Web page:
Mass Transit: a good next step

  • Posted on: 12 February 2006
  • By: Bryan Schaaf


It seems appropriate that given the vast amount of goods moving between the Dominican Republic and Haiti, it is about time that these two nations attempt to formalize at least this one aspect of their trade relationship: transportation.

Broken roads, unstable hillsides, and virtually non-existent passenger laws are just a few reasons that agencies like the World Bank and the IADB should work with Haiti and the DR to genuinely consider a mass-transit system connecting Port-au-Prince and Santo Domingo.

Trains existed throughout Haiti well into the early 20th century. Allen Morrison does a good job briefly detailing the system that lasted until 1932, when he claims the Compagnie des Chemins de Fer de Port-au-Prince folded. While that may be the case, one can still readily find old rails running though portions of the capital (see map) and as far north as Cap Haitian.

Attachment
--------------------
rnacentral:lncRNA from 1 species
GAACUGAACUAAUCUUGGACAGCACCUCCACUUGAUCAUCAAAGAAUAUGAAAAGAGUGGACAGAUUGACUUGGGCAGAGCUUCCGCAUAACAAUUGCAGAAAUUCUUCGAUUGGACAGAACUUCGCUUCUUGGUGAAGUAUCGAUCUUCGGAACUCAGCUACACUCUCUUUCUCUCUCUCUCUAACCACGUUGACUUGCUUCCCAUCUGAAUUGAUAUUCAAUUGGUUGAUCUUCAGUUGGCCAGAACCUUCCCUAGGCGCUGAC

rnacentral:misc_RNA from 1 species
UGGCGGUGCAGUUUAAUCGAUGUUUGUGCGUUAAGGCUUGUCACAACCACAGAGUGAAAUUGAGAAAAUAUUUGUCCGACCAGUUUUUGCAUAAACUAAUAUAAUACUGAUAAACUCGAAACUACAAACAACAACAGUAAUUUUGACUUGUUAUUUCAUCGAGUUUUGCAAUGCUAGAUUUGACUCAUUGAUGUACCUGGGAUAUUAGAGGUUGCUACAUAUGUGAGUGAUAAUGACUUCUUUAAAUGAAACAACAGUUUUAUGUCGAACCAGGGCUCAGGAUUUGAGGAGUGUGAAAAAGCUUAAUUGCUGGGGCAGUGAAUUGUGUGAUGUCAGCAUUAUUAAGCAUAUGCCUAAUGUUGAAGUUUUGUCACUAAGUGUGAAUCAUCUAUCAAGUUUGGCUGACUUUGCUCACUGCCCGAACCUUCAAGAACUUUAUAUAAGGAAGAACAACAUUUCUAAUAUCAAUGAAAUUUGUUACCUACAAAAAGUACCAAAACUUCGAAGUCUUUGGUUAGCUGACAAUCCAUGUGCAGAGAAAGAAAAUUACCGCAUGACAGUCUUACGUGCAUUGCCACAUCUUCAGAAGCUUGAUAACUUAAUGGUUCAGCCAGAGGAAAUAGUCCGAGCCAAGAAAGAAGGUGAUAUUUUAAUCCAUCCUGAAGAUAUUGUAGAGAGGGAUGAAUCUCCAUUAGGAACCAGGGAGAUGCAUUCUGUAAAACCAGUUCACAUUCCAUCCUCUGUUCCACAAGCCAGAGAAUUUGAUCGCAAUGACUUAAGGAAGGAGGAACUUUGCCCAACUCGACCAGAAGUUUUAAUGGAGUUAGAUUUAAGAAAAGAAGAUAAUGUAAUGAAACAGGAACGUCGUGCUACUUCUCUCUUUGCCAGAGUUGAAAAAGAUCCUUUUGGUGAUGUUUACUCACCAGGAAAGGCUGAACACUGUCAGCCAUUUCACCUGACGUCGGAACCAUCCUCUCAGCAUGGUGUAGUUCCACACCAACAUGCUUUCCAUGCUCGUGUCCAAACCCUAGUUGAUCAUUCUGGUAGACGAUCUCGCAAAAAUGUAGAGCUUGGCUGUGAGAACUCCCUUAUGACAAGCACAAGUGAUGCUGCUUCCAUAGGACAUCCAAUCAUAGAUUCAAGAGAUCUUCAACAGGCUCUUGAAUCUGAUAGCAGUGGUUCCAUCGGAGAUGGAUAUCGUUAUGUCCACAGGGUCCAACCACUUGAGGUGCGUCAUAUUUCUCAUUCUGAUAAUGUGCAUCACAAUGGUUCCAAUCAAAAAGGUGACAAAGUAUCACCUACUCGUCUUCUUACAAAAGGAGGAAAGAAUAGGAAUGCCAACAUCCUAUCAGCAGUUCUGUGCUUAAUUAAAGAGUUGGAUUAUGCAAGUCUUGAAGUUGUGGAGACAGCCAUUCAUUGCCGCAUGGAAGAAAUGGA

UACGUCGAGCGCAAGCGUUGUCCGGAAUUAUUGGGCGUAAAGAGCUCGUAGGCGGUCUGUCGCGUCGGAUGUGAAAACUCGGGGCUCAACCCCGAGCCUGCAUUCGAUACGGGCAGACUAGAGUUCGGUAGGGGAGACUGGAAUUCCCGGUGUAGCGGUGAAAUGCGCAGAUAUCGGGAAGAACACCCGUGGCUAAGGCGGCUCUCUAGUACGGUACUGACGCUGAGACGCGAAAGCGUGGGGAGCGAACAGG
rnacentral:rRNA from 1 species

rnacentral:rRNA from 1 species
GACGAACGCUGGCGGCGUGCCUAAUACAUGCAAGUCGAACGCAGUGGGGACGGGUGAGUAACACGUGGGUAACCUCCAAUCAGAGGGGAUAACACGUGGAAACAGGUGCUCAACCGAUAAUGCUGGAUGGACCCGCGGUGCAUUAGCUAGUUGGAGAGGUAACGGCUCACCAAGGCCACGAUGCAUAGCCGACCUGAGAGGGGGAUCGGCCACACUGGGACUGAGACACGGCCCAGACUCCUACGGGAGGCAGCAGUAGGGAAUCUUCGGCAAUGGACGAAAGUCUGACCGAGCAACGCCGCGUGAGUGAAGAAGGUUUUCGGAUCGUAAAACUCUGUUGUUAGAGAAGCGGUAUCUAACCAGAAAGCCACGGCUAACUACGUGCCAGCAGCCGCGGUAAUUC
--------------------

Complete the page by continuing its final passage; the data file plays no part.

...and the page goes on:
Mass transit would allow goods and passengers to move more affordably and safely, while also allowing resources to be reallocated to more productive endeavors. Train lines could be extended north connecting Haiti’s many ports, making goods move more quickly from town to town, and thus, cheaper. A safe and efficient land route would also make intra-state travel more accessible, and as a result, more likely, also increasing revenues to communities from tourism and business.

While tourism alone may not necessitate such a system, opening Haiti to itself would most certainly be a good thing (except in the case of the Grand’Anse forests, et al, whose preservation have been mainly attributed to the inaccessibility of the south). But still a good idea nonetheless.


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